Written by Lahiru Fernando
24 Mar, 2017 | 7:21 pm
Former Egyptian President Hosni Mubarak returned home a free man after being freed from detention, six years after being overthrown. During those six years, Egypt witnessed major upheavals and rights activists saw their hopes scuttled that the autocrat would face justice for the deaths of hundreds who defied his rule.
The release is a new chapter in the life of a leader whose people rose up against him. His people demaded the end for a rule filled with corruption, economic inequities and reliance on feared security officials to keep its hold on power.
Mubarak left a military hospital in Cairo’s southern suburb of Maadi and went to his home in the northern suburb of Heliopolis under heavy security measures. The former President returned home with his two sons, Alaa and Gamal while his family united at his residence to celebrate his return.
Well, according to activists, Mubarak’s acquittal of killing protesters has confirmed long-held suspicions that his trial would never bring the justice they demanded.
Campaigners and activists also confirmed widely-held suspicions that their “revolution” had effectively been reversed by the government of President Abdel-Fattah el-Sissi.
Media figures loyal to the current president have relentlessly shot down the 2011 uprising as a ‘conspiracy’ and labelled those involved as ‘foreign agents who pose a threat to the country’s national security’.
Birth date: May 4, 1928
Education: Egyptian Military Academy, 1949; Air Force Academy, 1952, with additional training at the Frunze General Staff Academy (USSR), 1964
1952-1959 – Flight instructor at the Egyptian Air Force Academy.
1965-1967 – Commanded several Air Force bases.
1967-1969 – Commander of the Air Force Academy.
1969-1972 – Egyptian Air Force – Chief of Staff.
1972-1975 – Egyptian Air Force – Commander in Chief and Deputy Minister of War.
1973 – Lead an air campaign against Israel during the Yom Kippur War.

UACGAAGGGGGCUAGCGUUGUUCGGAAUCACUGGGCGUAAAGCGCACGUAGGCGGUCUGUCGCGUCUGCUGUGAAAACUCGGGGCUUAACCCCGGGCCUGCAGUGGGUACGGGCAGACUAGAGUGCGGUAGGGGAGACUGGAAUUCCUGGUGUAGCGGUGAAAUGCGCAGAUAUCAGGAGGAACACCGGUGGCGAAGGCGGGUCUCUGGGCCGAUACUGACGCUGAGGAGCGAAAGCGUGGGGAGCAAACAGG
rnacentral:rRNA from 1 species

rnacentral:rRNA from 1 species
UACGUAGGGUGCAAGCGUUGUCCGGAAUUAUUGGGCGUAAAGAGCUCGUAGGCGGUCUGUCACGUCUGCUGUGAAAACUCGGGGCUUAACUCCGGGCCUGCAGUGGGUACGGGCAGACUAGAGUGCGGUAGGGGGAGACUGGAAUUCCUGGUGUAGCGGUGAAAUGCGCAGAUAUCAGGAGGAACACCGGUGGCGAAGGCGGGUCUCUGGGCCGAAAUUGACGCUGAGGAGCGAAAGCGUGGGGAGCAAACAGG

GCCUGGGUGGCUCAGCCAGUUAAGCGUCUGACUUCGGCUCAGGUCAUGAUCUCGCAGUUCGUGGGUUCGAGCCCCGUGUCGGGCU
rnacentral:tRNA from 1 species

1974 – Promoted to the rank of Air Marshal – Egyptian Air Force.
1975-1981 – Vice president of Egypt, serving under President Anwar Sadat.
October 6, 1981 – Sadat assassinated by a group of Islamic fundamentalists during a military parade. Mubarak, standing next to Sadat, suffered an injury to his left hand.
October 14, 1981 – Mubarak sworn in as president of Egypt. He is later re-elected four times, serving as president for almost 30 years before stepping down in 2011.
June 26, 1995 – Survived an assassination attempt by an Al-Qaeda affiliated group.
September 6, 1999 – Survived an assassination attempt in Port Said, Egypt.
March 13, 2002 – Meets with US Vice President Dick Cheney and pledges to pressure Saddam Hussein into allowing the return of United Nations inspectors.
June 6-8, 2002 – Meets with US President George W. Bush in Washington to discuss the Israeli-Palestinian conflict and Mubarak’s peace plan.
March 13, 2006 – Meets with Pope Benedict XVI. They discuss Iraq, Iran and the prospects for Middle East peace.
May 28, 2006 – Hosts a summit with Israeli Prime Minister Ehud Olmert, in an effort to coordinate security measures along the border between Israel and Egypt.
June 17, 2006 – Meets with Palestinian President Mahmoud Abbas and asks for renewed peace talks between Israel and Palestine.
June 2007 – Held a summit meeting with King Abdullah II of Jordan, President Mahmoud Abbas of Palestine and Prime Minister Olmert of Israel.
August 18, 2009 – Meets in Washington with President Barack Obama to discuss the process of peace in the Middle East.
January 2011 – Inspired by street protests in Tunisia, activists in Cairo gather in Tahrir Square to demonstrate against corruption and inequality. The protesters call on Mubarak to resign.
February 11, 2011 – Steps down as president.
May 24, 2011 – Mubarak is charged with ordering the deaths of protesters. According to Amnesty International, more than 800 people were killed as the government cracked down on protesters. Mubarak also faces corruption charges.
August 3, 2011 – Mubarak’s trial begins.
June 2, 2012 – Mubarak is found guilty of complicity in the deaths of protestors. Instead of getting the death penalty, he is
sentenced to life in prison. The main trial judge says prosecutors did not make a strong enough case that Mubarak directly ordered the killing of civilians so he does not receive a death sentence.
January 13, 2013 – Mubarak’s conviction is overturned in appeals court and he is granted a new trial.
May 11, 2013 – Mubarak’s retrial for the deaths of protestors begins.
May 21, 2014 – In a separate trial, Mubarak is found guilty of embezzling millions of dollars intended to fund renovations of presidential palaces. He is sentenced to three years in prison.
November 29, 2014 – A judge dismisses the charges against Mubarak for the deaths of demonstrators. He is also found not guilty of corruption.
June 4, 2015 – Egyptian state media reports that Mubarak will face a third trial for his role in the deaths of protesters. The court sets November 5, 2015 as the date of the new trial.
March 2, 2017 – Egypt’s highest criminal court, the Court of Cessation, acquits Muarak of charges that he was complicit in the deaths of protesters in 2011. The verdict is final, setting the stage for Mubarak to leave the military hospital where he’s been held since 2012.
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